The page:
INTERPOL Prepares for Drone Response

INTERPOL Prepares for Drone Response

counter drone tech

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Recognizing the fact that drone usage increases both commercially and recreationally but also for criminal purposes in some cases, the international criminal police organization INTERPOL has launched a framework for responding to a drone incident.

In a document signed by the organization’s secretary-general, Jürgen Stock, he explains that the increasing use of drones has inevitably given rise to “serious challenges for the law enforcement community globally. Drones have become a permanent fixture in the current policing operating environment, and one that can only grow in scale and impact in the future.”

It is “crucial that officers are equipped with the necessary knowledge and training to respond to drone incidents safely and effectively.”

“INTERPOL engages with drone experts drawn from law enforcement, the private sector and academia across the world. This network was the driving force behind the creation of the INTERPOL Framework for Responding to a Drone Incident – For First Responders and Digital Forensics Practitioners.”

The organization publishes a reference document for law enforcement worldwide, illustrating INTERPOL’s continuous efforts to promote innovation and enhance best practices among its member countries. 

Jamie Allan, CEO of Allan Panthera, a commercial and business growth consultancy firm, specializing in drones, told “For INTERPOL to be seen as a useful leader and authority for their members to begin using drones, and as effectively as possible, they need to provide the best guidance and resources.. “Consequently, for smaller operations, this document becomes the gold standard from which they can adapt to their individual needs. And it’s free! Additionally, it helps smaller operators with their incident planning because if they use this as a guide of what law enforcement will do responding to a drone incident, it subsequently allows you to prepare for that in terms of what to expect if you’re involved in any way.”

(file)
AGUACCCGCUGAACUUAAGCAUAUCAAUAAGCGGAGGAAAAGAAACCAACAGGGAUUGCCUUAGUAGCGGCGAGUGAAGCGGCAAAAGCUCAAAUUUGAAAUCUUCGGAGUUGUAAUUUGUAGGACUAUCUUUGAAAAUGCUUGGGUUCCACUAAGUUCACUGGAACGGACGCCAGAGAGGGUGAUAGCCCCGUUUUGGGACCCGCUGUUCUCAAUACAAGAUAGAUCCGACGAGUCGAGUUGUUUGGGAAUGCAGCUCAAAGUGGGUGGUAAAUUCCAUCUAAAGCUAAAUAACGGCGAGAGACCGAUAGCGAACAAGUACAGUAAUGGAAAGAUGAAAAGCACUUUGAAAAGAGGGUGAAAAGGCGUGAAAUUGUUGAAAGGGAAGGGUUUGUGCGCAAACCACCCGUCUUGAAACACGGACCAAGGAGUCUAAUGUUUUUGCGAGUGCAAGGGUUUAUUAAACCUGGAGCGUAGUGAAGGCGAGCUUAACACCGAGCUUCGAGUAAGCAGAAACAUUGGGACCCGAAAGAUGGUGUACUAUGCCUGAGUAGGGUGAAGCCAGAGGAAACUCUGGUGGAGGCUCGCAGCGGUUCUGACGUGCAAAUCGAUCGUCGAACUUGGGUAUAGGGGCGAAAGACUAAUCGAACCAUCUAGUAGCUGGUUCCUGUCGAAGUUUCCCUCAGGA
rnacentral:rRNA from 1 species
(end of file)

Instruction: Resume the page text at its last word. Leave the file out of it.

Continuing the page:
Allan, a police officer and contributor to the framework for INTERPOL, said it is critical for the organization to be proactive when it comes to an emerging technology like drones. “Contrary to some beliefs held, organizations like INTERPOL have no interest in collecting personal data or ‘snooping’ on people with drones. Consequently, their mission for proactively advancing the use of drone technology amongst their member states is to assist and enhance the capability of law enforcement to use drones for good, whether that be countering the rise in the criminal use of drones, or helping police forces with the adoption and integration of the new technology into their service delivery models as a valuable tool for day to day operationally effective policing, such as searching for missing persons.”